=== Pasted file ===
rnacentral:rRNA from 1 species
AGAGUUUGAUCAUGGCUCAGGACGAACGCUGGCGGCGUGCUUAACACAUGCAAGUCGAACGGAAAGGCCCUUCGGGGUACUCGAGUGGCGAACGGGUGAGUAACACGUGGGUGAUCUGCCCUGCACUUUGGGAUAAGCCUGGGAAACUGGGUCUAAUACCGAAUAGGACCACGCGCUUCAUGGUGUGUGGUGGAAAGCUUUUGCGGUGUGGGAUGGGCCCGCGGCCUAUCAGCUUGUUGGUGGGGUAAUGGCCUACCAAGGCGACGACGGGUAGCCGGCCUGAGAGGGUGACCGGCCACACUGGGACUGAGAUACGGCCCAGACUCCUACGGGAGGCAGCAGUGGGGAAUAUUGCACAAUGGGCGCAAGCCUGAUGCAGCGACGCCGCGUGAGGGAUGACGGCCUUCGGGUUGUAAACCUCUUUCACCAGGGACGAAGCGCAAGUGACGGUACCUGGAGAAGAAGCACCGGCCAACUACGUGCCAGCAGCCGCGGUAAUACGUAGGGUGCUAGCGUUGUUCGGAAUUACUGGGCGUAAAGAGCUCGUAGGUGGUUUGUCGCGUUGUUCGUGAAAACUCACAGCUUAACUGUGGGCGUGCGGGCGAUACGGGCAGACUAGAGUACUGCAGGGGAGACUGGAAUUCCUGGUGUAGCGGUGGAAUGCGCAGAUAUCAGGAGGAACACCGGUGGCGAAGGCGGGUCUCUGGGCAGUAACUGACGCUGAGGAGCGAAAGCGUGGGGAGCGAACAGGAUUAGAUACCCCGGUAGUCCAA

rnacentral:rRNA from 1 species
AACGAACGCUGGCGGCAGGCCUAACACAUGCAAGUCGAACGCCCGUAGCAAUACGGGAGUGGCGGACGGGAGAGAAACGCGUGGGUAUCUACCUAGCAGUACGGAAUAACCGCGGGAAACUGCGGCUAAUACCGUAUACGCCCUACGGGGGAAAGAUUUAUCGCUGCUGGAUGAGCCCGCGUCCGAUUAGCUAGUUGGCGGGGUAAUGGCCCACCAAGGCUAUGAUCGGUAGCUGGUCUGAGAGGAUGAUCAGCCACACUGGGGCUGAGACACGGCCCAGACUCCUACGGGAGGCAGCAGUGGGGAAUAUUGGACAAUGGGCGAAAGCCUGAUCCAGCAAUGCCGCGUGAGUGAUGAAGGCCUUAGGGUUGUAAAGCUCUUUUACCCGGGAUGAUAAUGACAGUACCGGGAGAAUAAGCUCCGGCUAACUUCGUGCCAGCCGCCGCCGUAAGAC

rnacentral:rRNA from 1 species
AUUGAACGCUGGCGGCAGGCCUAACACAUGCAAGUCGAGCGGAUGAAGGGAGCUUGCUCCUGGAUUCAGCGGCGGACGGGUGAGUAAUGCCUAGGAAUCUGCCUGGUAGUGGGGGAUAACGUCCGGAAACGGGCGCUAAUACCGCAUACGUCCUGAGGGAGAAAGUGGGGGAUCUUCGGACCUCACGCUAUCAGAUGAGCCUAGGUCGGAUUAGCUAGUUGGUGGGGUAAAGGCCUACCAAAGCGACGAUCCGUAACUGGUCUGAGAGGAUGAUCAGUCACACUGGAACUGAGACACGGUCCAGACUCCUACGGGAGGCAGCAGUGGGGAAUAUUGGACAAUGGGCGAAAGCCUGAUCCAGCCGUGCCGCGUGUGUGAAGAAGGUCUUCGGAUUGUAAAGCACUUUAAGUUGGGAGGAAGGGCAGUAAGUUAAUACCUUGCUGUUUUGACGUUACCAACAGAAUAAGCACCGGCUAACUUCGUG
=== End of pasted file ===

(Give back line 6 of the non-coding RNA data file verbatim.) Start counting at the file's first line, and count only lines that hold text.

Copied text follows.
AUUGAACGCUGGCGGCAGGCCUAACACAUGCAAGUCGAGCGGAUGAAGGGAGCUUGCUCCUGGAUUCAGCGGCGGACGGGUGAGUAAUGCCUAGGAAUCUGCCUGGUAGUGGGGGAUAACGUCCGGAAACGGGCGCUAAUACCGCAUACGUCCUGAGGGAGAAAGUGGGGGAUCUUCGGACCUCACGCUAUCAGAUGAGCCUAGGUCGGAUUAGCUAGUUGGUGGGGUAAAGGCCUACCAAAGCGACGAUCCGUAACUGGUCUGAGAGGAUGAUCAGUCACACUGGAACUGAGACACGGUCCAGACUCCUACGGGAGGCAGCAGUGGGGAAUAUUGGACAAUGGGCGAAAGCCUGAUCCAGCCGUGCCGCGUGUGUGAAGAAGGUCUUCGGAUUGUAAAGCACUUUAAGUUGGGAGGAAGGGCAGUAAGUUAAUACCUUGCUGUUUUGACGUUACCAACAGAAUAAGCACCGGCUAACUUCGUG